This guest essay reflects the views of Geraldine Hart, former Suffolk County police commissioner and director of public safety at Hofstra University, and Gail Prudenti, former chief administrative judge of New York State and dean of the Center for Children, Families and the Law at the Maurice A. Deane School of Law at Hofstra University.
The Supreme Court’s ruling striking down New York’s restriction on carrying concealed weapons in public heightens the need for a consistent, universal remedy to help keep firearms out of the hands of dangerous individuals.
Extreme risk protection orders, or ERPOs — better known as "red flag" laws — empower a limited group of people, such as law enforcement officers, household members and school staff, to petition the court for an order to temporarily confiscate guns from individuals deemed a danger to themselves or others and bar them from obtaining a firearm.
These laws can be an effective measure to safeguard our communities. And if appropriate due process protections are included, they can do so without disturbing the Second Amendment, according to several legal decisions.
However, fewer than half the states have such laws, and even in states like New York that do, use of the law is haphazard and erratic. Congress, under pressure to do something after the recent spate of mass shootings, passed a bill last month to incentivize states to enact red flag laws. But that legislation does little or nothing to encourage consistent standards about who can file a red flag petition, under what circumstances, and what due process protections are included. It’s time for consistency.
New York has had a red flag law on the books since 2019 permitting teachers, school administrators and others to seek court intervention.
But the law is only effective if someone files a petition. And while the standards for granting that petition are clear and unambiguous, use of the law has been anything but consistent, with some counties issuing dozens of orders and others of similar size issuing very few.
For example, the Suffolk County Police Department has confiscated more than 160 guns since the law went into effect and, just as importantly, has taken the lead in educating police departments, schools and communities on the availability and requirements of the law. Regrettably, in most other counties, red flag petitions are rarely filed, and confusion abounds over when it is even appropriate to seek such a court order, or how to do so.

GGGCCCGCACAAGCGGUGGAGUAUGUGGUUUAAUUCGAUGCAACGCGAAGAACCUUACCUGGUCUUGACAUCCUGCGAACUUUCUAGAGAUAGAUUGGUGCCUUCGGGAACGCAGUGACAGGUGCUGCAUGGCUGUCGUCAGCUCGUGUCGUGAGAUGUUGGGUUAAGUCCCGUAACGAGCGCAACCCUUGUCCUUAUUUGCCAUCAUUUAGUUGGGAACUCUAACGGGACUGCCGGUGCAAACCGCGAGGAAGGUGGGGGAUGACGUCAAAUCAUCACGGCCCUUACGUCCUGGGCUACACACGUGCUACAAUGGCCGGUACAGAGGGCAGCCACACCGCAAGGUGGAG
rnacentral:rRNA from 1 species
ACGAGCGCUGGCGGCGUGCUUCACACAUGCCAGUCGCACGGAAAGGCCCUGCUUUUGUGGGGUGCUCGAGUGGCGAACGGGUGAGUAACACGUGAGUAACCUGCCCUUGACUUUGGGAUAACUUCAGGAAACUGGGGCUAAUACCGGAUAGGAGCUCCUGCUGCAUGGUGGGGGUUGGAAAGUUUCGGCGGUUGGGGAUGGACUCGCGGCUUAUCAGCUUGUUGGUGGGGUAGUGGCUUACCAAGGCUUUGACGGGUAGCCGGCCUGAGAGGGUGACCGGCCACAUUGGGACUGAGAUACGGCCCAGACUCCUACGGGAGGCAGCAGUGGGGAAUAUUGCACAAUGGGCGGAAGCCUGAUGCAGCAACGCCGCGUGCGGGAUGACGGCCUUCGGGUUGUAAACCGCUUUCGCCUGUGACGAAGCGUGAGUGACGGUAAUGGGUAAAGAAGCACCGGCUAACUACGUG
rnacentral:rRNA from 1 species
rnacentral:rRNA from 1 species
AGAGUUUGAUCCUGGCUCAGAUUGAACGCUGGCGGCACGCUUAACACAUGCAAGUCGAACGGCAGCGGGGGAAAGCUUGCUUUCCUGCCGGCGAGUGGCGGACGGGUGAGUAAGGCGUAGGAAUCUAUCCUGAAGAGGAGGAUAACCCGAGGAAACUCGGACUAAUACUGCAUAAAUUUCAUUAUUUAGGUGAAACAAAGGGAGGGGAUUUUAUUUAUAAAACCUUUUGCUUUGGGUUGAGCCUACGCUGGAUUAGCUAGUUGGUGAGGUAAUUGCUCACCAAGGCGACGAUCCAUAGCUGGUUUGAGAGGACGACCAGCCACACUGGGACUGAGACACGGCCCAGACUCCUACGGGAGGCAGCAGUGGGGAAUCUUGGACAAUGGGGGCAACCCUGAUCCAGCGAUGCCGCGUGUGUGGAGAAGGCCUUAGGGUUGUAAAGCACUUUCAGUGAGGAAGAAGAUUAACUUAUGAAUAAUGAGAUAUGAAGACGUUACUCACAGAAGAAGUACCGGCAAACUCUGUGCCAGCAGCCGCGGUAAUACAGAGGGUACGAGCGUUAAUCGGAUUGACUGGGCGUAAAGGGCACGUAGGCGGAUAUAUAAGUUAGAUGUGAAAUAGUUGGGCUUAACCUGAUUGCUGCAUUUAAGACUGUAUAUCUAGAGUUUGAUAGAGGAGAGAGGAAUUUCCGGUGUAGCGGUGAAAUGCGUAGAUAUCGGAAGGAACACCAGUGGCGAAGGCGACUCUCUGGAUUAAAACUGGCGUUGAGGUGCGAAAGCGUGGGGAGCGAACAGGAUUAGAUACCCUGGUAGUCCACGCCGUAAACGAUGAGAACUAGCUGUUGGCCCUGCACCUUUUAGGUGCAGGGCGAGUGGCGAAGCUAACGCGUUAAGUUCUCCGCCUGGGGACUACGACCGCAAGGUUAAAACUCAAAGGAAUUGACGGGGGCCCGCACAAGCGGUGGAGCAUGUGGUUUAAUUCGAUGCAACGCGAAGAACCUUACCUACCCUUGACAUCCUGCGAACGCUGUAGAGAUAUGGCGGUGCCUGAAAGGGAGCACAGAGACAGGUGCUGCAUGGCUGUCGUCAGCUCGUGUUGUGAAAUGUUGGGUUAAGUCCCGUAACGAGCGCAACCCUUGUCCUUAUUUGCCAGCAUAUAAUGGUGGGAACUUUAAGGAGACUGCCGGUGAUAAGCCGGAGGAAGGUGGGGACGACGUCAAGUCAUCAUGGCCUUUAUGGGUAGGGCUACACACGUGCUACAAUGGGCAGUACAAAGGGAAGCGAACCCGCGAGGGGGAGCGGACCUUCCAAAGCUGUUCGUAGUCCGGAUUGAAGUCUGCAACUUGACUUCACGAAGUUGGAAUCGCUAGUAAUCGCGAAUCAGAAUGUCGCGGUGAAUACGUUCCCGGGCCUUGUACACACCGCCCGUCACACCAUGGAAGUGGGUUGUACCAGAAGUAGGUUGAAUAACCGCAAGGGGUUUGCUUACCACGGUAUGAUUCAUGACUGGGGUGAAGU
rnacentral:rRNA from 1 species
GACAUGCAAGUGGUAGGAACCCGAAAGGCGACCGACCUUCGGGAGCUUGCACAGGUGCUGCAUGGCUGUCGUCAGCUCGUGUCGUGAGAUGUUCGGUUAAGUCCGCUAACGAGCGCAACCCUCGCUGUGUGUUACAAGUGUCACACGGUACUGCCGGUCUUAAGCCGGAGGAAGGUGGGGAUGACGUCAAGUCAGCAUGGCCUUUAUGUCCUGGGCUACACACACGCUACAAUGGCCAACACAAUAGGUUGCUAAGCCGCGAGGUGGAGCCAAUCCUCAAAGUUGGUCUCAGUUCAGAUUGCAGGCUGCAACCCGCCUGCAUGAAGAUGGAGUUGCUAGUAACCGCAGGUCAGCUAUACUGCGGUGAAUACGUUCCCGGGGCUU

Consider the case of Payton Gendron, the 18-year-old white supremacist accused of shooting 13 people and killing 10, all of them Black, in a Buffalo supermarket.
Less than a year before the massacre, Gendron wrote a high school essay saying he intended to commit a murder-suicide after graduation. His family, the school, mental health experts and the police were all aware of the essay, and the State Police brought Gendron in for a psychiatric evaluation. However, Gendron said he was only kidding so, under New York’s law, his threat was too general and vague to warrant red-flagging. Consequently, he was apparently able to legally purchase the AR-15 with which he allegedly committed mass murder.
On May 18, Gov. Kathy Hochul responded with an executive order requiring the State Police to file for an ERPO whenever they have probable cause to believe that an individual is a threat, similar to the way doctors and teachers must alert authorities to potential child abuse. The governor also expanded the list of those permitted to file a petition to include health care professionals. Since then, there has been a surge of ERPOs filed by the State Police.
On the surface, that seems like a positive development. Unfortunately, the lack of consistent standards and procedures to safeguard constitutional rights has forced judges to dismiss many of the cases.
Only a few days ago, Highland Park in Illinois became the scene of the latest in a long line of mass shootings — and the latest to call into question the administration of a state's red flag law. We know most individuals who intend to commit mass shootings telegraph their intentions to those around them. More needs to be done to ensure that family members, school officials and others who have firsthand knowledge of someone exhibiting these concerning behaviors have the ability to petition for an extreme risk order that will prevent someone from not only possessing but purchasing guns.
To be sure, red flag laws are not a cure-all. They require the active participation of the public to make sure those engaged in concerning behavior, online or otherwise, are brought to the attention of law enforcement. They won’t magically put an end to mass shootings. But they will prevent some of them. Used effectively and responsibly, red flag laws are a vital tool in protecting our communities and our children — and one of the few remedies that generally garners support across the political spectrum. And courts have found such laws consistent with Second Amendment rights.
It’s time for a dialogue and consensus on the application of the red flag law, as well as a coordinated public outreach effort and standardized training to ensure the proper, effective and consistent use of the law. With the recent Supreme Court decision, it’s important that we begin that discussion right now.